“We didn’t finish talking about my favourite track. It’s Spitfire. I get to show off my guitar skills on it,” replies Harry, “and I totally flared it!”
So goes the opening line of Hollow Horse by The Icicle Works. It’s bound to fill our manager, Billy George, with good Christmas cheer. I know it’s one of his favourites. I think I’m right in saying that, under the guise of Honk Promotions, Billy booked lead singer Ian McNabb for a brilliant gig at PJ Molloy’s.
There was a technical issue during the first four songs and Ian McNabb walked off. Issue resolved, McNabb returned from the green room and started the gig anew. He played the first four songs again, continued on for ages and brought the house down.
I remember it being really loud for a lone singer/songwriter. No bad thing when the sound quality is top notch, which it was once the technical was fixed.
The chorus of Hollow Horse is memorable too.
The feel good factor for Wayne…? I’m thinking Jump by Van Halen.
Aztec Camera recorded a very gentle cover version of jump and Wayne can choose.
I’m torn over a selection for Mark. I’m thinking piano, keys, synthesizers, the mellotron and “the fucking Jennings” as Mark calls his favourite instrument at Robin Evans’ Tpot Studios, Path of Condie.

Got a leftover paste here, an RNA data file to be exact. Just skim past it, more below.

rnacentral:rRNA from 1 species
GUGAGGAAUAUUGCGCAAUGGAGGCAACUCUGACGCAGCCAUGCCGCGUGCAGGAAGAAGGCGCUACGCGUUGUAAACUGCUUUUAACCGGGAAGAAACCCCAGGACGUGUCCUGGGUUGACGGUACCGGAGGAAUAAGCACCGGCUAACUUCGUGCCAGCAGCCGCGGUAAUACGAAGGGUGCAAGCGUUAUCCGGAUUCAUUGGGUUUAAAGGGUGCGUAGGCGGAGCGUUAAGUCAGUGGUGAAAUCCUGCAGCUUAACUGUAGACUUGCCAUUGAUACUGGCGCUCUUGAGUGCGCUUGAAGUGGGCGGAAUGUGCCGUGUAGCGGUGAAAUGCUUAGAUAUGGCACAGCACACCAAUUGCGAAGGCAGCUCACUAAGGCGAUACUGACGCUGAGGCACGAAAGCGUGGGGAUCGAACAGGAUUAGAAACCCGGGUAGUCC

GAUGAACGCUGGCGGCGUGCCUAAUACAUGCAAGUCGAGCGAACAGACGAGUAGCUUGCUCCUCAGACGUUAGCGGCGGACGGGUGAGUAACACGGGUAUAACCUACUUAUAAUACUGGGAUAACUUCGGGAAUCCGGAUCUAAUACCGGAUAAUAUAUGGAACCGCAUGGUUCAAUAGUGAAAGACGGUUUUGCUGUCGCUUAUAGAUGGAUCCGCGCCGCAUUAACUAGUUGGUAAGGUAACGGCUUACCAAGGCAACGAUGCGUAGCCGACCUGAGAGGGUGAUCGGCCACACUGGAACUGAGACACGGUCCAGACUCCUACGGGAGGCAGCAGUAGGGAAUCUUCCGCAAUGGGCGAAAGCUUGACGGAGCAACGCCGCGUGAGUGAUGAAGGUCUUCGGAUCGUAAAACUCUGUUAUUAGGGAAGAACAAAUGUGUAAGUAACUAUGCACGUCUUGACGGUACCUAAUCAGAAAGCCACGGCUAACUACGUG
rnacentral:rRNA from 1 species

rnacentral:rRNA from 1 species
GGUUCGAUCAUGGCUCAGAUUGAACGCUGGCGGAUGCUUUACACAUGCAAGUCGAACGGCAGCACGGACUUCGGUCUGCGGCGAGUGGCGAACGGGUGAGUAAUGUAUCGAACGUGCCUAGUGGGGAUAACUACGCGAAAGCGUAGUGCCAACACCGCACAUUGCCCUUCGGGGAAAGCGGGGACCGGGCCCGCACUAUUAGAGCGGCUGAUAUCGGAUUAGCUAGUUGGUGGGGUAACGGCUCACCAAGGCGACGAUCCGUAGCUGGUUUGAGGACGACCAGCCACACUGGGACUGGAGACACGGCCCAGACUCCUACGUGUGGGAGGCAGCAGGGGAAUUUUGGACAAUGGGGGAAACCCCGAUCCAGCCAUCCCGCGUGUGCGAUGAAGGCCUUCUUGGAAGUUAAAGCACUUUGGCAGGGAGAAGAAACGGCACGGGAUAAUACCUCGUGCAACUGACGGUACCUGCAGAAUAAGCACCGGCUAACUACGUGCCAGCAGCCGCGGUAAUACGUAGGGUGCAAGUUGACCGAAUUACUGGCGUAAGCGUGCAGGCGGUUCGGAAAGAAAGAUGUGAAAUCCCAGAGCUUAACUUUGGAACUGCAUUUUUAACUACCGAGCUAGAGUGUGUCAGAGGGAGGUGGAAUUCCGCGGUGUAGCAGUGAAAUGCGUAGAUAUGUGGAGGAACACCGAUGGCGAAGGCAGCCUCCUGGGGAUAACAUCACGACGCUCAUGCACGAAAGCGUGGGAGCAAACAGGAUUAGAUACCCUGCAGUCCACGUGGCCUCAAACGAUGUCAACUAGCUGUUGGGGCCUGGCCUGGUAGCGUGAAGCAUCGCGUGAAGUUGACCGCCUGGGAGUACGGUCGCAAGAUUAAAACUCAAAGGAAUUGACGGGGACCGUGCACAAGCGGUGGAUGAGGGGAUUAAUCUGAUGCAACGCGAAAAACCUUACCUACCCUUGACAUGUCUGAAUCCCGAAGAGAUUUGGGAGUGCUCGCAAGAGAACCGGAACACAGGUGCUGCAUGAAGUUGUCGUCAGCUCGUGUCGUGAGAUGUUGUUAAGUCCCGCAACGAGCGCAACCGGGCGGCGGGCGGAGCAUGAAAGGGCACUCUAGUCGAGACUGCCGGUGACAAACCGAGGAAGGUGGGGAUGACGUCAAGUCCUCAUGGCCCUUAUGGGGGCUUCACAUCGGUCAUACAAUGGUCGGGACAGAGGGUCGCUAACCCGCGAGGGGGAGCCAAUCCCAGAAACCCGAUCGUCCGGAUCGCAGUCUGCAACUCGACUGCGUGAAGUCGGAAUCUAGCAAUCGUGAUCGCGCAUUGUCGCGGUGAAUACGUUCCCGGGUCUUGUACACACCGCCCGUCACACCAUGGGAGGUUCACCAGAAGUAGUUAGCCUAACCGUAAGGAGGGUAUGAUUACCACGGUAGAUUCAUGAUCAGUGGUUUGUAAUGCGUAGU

The Door’s Light My Fire or People are strange, The Beatles’ Strawberry Fields Forever or Lady Madonna, or Baba O’Riley by The Who? No, I’ve got it, for Mark it’s A Whiter Shade of Pale by Procol Harum.
As the BBC have shown us this Christmas, changing a famous Pogues song, it’s okay to butcher other people’s lyrics. Here’s my alternative chorus for Procol Harum’s classic.
I know Kirsty MacColl sang “haggard” instead of “faggot” on Top of the Pops and a few years ago Shane McGowan couldn’t be arsed arguing about it. However, Fairytale of New York is a classic and MacColl is singing in character; a marginalised and bitter character. In the voice of that character, the lyric is true. The BBC = lyric police.
Rant over, it’s Donald time!
Okay I made a wee change there too. MC Hammer’s Hammer Time has been compromised. Anyway, my actual choice for Donald is of course Elton John, but not Sacrifice, oh no, it’s I’m Still Standing.
Yes, Donald is still standing – no thanks to Stuart.
Talking of Stuart…
Yes, you can count on toun legend Stevie Agnew to put a smile on Stuart’s face.
Last but not least, Harry. Last Christmas is too obvious a choice. Staying with George Michael I’ll pick Careless Whisper for The Duke.
Wayne told me that George Michael wrote Careless Whisper and added Andrew Ridgeley to the songwriting credits to ensure his Wham! band mate never had to worry about money.
C’mon Donald and Stuart, fingers oot! None of us want to worry about money either.